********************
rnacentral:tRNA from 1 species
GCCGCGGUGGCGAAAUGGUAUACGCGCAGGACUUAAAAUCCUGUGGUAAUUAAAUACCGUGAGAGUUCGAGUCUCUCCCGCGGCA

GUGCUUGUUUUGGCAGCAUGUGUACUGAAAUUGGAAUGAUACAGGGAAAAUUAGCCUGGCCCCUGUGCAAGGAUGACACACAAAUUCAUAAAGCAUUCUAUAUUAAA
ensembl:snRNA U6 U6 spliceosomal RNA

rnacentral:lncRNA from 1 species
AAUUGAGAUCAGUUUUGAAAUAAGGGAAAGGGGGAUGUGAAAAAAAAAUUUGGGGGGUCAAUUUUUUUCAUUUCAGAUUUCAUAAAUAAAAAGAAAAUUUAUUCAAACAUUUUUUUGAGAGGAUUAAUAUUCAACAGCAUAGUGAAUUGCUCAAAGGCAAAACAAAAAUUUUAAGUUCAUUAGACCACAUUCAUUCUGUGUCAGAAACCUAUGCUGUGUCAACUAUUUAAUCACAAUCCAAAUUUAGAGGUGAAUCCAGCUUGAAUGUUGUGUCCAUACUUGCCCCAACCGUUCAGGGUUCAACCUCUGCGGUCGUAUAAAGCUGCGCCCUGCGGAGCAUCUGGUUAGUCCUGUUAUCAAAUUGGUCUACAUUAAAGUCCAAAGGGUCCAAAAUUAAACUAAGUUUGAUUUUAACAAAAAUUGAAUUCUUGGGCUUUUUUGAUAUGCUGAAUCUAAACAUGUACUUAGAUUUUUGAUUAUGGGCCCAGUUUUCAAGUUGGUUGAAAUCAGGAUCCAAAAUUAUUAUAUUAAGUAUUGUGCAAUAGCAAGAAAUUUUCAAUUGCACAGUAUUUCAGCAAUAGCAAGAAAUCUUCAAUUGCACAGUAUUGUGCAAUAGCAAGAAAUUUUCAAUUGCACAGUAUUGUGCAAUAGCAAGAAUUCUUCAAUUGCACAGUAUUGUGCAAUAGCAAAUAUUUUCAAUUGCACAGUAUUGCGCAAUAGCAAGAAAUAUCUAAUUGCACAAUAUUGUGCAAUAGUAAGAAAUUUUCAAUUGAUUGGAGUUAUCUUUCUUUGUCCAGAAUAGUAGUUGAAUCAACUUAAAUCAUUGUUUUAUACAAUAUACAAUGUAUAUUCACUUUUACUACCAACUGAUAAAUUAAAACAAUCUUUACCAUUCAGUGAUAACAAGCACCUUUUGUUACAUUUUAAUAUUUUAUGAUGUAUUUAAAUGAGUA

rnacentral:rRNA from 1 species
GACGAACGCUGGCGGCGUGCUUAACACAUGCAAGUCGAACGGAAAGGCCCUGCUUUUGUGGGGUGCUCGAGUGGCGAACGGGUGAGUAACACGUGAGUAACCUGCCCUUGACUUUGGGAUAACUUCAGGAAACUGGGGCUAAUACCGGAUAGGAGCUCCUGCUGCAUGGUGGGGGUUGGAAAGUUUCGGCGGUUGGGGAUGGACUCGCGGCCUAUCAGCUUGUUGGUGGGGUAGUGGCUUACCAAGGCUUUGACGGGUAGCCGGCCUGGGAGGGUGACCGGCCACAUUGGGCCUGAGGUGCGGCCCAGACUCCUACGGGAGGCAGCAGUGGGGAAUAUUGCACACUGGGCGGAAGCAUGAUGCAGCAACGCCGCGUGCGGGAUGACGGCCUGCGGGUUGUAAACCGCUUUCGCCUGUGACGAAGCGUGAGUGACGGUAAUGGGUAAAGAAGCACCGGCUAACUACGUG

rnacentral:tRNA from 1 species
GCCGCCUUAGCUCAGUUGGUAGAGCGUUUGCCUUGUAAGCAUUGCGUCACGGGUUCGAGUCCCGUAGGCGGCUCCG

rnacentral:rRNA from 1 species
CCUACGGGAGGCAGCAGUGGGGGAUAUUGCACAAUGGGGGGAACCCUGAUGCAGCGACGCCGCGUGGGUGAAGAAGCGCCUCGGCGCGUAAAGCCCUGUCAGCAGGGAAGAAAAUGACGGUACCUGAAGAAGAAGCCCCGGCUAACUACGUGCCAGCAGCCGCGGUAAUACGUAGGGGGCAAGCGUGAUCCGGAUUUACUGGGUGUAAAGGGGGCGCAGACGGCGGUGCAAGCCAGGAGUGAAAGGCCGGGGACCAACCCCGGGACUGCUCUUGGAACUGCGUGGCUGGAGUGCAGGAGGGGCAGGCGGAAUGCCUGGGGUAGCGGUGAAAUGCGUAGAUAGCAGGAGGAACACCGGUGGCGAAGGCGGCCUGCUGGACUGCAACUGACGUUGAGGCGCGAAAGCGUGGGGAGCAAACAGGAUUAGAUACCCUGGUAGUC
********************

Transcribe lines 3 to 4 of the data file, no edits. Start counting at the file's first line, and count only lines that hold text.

GUGCUUGUUUUGGCAGCAUGUGUACUGAAAUUGGAAUGAUACAGGGAAAAUUAGCCUGGCCCCUGUGCAAGGAUGACACACAAAUUCAUAAAGCAUUCUAUAUUAAA
ensembl:snRNA U6 U6 spliceosomal RNA